Project Visualization

I recently completed a project at work that was a redesign of an existing website. There were lots of non-code activities involved in this project, so I thought it may be interesting to visualize the project from the code’s perspective to see what transpired where the rubber meets the road.

I used a program called Gource to create the visualization. It shows all of the files in your Git repository as dots grouped in directories, and all commits as connections from the developers to the files. It gives you a unique view of how the project evolved over all 1337 commits to the repository. Enjoy!

Forwarding Api Proxy

There’s a mobile app that I’m working on that will be performing complex queries against a database that is exposed via an OData api. One small hitch is that the mobile app is not allowed to access the OData api directly, but I can implement a proxy that will have access to the OData api and is deployed in a place that the mobile app can access. While I do not want to try and consume the request from the mobile app, I would like the ability to perform some logic before and after the request is forwarded in order to allow for either logging or validation purposes.

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Advent Of Code 2016

Advent Of Code is an advent calendar that counts down to Christmas.  Instead of having small doors that reveal treats as you count down the days, Advent Of Code has a new coding puzzle each day.  I participated in 2015 and had been waiting all year for it to start again in 2016.  The website can be found here:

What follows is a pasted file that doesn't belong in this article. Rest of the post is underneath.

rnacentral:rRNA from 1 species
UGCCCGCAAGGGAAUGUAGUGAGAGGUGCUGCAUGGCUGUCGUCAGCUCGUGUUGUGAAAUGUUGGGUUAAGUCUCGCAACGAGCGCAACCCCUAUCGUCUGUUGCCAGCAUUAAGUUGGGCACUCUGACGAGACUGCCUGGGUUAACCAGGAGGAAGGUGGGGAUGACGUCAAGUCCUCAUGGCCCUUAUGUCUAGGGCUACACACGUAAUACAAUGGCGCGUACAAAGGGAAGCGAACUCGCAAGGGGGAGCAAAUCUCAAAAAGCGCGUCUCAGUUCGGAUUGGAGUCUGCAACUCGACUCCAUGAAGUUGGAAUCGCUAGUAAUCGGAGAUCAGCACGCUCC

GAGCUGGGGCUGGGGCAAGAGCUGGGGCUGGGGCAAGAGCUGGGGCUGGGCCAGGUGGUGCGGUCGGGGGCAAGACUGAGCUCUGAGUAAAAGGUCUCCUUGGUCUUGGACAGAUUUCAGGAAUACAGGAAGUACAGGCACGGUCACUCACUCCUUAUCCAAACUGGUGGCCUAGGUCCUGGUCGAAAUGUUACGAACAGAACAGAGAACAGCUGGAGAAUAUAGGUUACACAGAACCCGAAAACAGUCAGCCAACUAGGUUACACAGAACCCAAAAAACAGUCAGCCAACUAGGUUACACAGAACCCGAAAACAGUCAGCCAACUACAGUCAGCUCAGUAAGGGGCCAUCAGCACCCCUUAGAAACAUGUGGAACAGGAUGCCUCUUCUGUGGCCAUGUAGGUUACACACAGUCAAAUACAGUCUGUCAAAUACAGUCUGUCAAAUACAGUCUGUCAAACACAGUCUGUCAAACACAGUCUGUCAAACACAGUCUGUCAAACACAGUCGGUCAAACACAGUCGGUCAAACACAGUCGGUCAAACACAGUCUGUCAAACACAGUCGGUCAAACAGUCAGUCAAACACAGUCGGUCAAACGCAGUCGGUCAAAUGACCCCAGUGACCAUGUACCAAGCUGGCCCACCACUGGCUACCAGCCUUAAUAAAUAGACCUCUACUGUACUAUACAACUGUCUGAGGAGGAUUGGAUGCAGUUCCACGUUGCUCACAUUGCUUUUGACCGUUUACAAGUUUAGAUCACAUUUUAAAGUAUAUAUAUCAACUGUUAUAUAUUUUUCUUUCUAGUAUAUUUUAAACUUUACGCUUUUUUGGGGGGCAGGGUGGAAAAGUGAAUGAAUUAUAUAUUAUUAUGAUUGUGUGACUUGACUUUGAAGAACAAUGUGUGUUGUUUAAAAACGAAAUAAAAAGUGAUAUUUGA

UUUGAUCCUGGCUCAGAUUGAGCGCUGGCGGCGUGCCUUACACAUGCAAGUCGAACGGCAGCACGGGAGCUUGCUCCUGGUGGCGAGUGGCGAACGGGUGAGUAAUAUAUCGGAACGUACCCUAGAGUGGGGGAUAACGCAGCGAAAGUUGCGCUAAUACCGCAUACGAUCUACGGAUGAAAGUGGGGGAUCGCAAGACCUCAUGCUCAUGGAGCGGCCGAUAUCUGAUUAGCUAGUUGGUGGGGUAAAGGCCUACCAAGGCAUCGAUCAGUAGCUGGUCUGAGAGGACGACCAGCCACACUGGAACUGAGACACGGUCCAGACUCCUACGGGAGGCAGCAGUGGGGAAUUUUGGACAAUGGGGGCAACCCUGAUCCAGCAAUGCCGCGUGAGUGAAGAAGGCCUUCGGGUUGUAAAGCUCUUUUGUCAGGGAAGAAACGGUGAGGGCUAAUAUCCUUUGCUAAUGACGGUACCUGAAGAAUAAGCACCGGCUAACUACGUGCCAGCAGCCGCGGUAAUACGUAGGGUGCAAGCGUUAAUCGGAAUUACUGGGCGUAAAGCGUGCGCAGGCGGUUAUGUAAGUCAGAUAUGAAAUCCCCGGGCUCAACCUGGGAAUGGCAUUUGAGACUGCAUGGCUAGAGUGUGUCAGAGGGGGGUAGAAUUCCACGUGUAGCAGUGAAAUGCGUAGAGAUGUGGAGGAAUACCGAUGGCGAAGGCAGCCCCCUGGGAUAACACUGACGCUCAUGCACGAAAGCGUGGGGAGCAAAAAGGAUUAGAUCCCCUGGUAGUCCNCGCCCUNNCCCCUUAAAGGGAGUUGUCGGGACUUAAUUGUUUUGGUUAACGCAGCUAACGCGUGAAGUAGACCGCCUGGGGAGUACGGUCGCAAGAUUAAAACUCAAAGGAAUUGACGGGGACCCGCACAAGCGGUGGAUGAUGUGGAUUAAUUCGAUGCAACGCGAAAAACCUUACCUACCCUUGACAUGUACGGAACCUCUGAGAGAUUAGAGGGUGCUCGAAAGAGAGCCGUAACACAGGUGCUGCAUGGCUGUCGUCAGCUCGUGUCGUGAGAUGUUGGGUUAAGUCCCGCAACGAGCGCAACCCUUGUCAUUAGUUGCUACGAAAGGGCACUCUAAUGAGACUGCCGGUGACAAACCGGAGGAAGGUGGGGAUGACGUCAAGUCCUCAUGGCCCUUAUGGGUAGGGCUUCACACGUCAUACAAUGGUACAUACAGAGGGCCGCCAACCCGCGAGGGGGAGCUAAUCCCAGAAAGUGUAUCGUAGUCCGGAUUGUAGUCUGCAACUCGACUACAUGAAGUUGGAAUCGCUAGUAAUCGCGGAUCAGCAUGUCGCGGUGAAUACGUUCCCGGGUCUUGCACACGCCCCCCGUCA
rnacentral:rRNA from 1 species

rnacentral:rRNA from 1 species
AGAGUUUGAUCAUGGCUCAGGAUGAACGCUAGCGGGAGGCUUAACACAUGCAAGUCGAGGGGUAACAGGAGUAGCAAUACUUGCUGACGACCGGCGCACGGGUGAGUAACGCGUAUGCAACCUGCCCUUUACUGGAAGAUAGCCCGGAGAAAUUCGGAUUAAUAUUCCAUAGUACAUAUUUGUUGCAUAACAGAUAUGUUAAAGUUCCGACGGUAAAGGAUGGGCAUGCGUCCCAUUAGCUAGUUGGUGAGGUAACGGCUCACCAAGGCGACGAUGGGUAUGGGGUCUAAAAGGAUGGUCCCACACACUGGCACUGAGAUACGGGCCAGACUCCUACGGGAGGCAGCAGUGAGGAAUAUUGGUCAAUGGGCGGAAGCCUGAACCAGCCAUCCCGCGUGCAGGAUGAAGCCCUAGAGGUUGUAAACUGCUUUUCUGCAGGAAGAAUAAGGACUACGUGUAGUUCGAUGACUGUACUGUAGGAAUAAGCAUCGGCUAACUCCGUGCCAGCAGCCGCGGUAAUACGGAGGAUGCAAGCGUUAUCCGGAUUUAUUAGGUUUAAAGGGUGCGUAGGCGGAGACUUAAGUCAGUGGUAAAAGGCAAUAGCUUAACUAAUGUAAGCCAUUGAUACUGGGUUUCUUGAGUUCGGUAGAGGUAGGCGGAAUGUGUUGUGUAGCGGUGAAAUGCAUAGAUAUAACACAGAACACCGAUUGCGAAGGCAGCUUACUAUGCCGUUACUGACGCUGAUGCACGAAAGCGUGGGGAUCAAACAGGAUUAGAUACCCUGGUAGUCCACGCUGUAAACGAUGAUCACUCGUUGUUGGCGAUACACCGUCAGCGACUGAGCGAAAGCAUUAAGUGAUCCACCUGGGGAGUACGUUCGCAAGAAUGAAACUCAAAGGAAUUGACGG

AdventOfCode.com

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Pebble app to track the Rio Olympics medal count

With the 2016 Olympic Games fast approaching, I decided to make an app for my new Pebble Time watch that would allow me to keep up with the medal count for each country as the games progress. This idea seemed simple at first, but led me through some interesting puzzles that I did not expect.

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Yeoman themed watchface for the Pebble Time watch

I picked up a Pebble Time watch today and wanted to get my feet wet developing apps for it.  I chose to do a simple watchface as a first project.

All native apps for the Pebble watches are written in the C programming language which I have a bit of experience in so it was quick to get started.  Also, the Pebble developer documentation seems to be quite complete and well organized at first glance.

I used an image of the Yeoman logo on the watchface as a nod to the great scaffolding tool for web apps because I think what they do is really valuable, and the logo looks pretty cool too.

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Algorithm Optimizations in Genomic Analysis Using Entropic Dissection

Abstract: In recent years, the collection of genomic data has skyrocketed and databases of genomic data are growing at a faster rate than ever before. Although many computational methods have been developed to interpret these data, they tend to struggle to process the ever increasing file sizes that are being produced and fail to take advantage of the advances in multi-core processors by using parallel processing. In some instances, loss of accuracy has been a necessary trade off to allow faster computation of the data. This thesis discusses one such algorithm that has been developed and how changes were made to allow larger input file sizes and reduce the time required to achieve a result without sacrificing accuracy.

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The RandomBerryPi Project

RandomBerryPi

My Raspberry Pi likes to pick (pseudo)random things, so I’ve built a couple of programs that allow it to do just that. I setup the Twitter account @RandomBerryPi so that it can share everything it does with the world. I have created two programs so far that run on my Raspberry Pi and tweet various random things. You can find the code and additional details about how they were constructed and deployed on my GitHub page here: https://github.com/danksalot/RandomBerryPi

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